Shakespeare’s The Merchant of Venice is a comedy full of contradictions: loyalty and betrayal, fairy tale and harsh reality, gaiety and tragedy, love as a moving force and money as a moving force, too.
As the story goes, Bassanio – a young man in Venice – wants to woo Portia, a rich heiress – and is asking his wealthy friend Antonio to lend him three thousand ducats. Antonio has invested all his money in his fleet, so he turns to Shylock – a Jewish money lender – asking him for a loan. Shylock has consistently felt marginalized in the Christian world in which he lives, and has repeatedly been humiliated even by Antonio himself; he agrees, however, to lend him the money he wants – demanding however no less than a pound of his flesh, in case that the full amount is not returned on time.
In The Merchant of Venice, money is referred to in every scene; money needed, money borrowed, money accumulated, money stolen, money offered, money in waiting. Shylock’s terms are exhausting, but isn’t that always the case with money lenders? All this discussion about money – and the lack of it – may ring a bell in the minds of Athenian spectators in these times of financial hardship; easy connections and associations are not, however, Spyros Evaggelatos’ directing style.
Evaggelatos, one of the most experienced and productive Greek theatre directors, proves himself a meticulous reader of the Shakesperean comedy, which he treats with respect. His is a classic staging of a classic play, without any surprises. One of the strengths of the show is definitely Nikitas Tsakiroglou’s Shylock.
Tsakiroglou succeeds in making a memorable performance of the greedy and vengeful money lender. He rightly portrays Shylock as both a demon and a victim of exclusion and injustice, which is the source of his deep-rooted hatred. Maria Skoula as Portia and Tzini Papadopoulou as Nerissa successfully bring onstage the energy, the freshness, the playfulness and the gaiety of two young women who need to love and to be loved. Thanassis Kourlampas, otherwise an actor of quality and standing, lacks the comic acumen that is needed for the role of the garrulous and frivolous Gratiano.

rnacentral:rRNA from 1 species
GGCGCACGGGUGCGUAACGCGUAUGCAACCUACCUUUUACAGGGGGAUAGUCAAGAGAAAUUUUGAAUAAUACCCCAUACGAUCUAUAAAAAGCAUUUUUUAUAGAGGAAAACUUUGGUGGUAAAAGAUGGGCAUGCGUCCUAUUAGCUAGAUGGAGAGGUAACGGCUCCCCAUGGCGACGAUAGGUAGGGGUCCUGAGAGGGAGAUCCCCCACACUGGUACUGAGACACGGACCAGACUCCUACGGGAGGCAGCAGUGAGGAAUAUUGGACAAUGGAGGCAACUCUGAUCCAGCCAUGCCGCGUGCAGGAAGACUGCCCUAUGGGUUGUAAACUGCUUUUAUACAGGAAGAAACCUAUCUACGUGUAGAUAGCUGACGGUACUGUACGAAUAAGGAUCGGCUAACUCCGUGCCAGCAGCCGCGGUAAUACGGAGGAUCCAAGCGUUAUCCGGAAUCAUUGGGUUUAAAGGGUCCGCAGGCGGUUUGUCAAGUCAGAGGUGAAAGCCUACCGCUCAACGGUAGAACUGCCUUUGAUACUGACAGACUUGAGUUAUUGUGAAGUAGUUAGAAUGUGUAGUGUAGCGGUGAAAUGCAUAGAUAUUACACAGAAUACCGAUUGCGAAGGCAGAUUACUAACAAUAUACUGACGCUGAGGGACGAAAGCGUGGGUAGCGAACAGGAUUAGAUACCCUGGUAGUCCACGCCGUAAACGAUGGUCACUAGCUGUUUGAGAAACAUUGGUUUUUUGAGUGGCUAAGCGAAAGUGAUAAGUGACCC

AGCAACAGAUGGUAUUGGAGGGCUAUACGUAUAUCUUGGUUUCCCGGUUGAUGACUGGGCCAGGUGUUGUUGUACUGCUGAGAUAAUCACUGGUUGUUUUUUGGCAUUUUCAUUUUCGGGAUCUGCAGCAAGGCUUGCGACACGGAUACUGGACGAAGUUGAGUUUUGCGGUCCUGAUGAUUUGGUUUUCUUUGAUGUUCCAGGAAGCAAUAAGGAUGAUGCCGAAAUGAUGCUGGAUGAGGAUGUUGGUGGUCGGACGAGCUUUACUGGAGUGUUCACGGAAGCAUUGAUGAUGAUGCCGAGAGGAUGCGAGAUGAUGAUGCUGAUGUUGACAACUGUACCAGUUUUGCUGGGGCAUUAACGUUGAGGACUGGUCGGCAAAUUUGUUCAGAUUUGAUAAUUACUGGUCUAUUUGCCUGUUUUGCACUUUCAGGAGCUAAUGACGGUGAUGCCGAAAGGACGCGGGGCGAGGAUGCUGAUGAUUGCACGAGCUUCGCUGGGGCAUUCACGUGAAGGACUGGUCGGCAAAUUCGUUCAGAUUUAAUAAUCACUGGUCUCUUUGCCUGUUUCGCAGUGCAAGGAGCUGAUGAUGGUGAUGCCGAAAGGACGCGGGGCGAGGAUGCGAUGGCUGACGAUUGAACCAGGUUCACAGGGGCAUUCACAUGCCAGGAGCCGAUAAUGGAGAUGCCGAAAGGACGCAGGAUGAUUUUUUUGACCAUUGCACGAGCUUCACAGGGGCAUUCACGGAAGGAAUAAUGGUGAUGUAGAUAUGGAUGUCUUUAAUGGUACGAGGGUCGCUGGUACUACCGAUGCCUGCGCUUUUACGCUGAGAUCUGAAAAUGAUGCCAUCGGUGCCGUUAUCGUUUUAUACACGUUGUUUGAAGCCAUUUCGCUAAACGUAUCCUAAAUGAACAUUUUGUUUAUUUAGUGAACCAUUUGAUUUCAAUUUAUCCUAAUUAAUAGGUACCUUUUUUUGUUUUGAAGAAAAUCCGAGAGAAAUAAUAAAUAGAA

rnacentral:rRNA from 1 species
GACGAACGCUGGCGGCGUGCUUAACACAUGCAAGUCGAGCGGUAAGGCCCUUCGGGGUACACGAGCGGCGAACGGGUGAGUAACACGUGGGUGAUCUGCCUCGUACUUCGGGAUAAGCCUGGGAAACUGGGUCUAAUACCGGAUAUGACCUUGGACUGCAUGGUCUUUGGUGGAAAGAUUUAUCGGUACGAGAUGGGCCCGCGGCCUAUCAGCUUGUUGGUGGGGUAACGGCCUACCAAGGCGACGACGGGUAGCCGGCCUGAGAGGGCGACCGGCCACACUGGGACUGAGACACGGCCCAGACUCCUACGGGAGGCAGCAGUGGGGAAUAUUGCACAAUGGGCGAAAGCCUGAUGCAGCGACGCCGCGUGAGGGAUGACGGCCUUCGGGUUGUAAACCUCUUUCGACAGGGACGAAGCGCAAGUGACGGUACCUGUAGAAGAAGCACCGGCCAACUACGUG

The scenes with Portia’s suitors selecting one of the three caskets seem to fall short of expectations; the acting of both the Prince of Morocco (Gerasimos Skafidas) and the Prince of Aragon (Yorgos Psychogios) is often exaggerated and the comic devices employed are old fashioned and rather ineffective. This is also the case with the short appearance of Old Gobbo, Launcelot’s father, whose continuous and frequently unnecessary movement onstage becomes occasionally tiring.
The set – designed by Yorgos Patsas – although functional, looks outdated and tired, while the most distinct feature of the costumes – designed by Yannis Metzikof – is the Hebrew or Latin lettering on the characters’ capes, according to their religion, visually denoting the clash between the two worlds.
All in all, this is a performance pleasant to watch and a staging that does justice to the Shakespearean play; the one thing that it lacks is sufficient energy.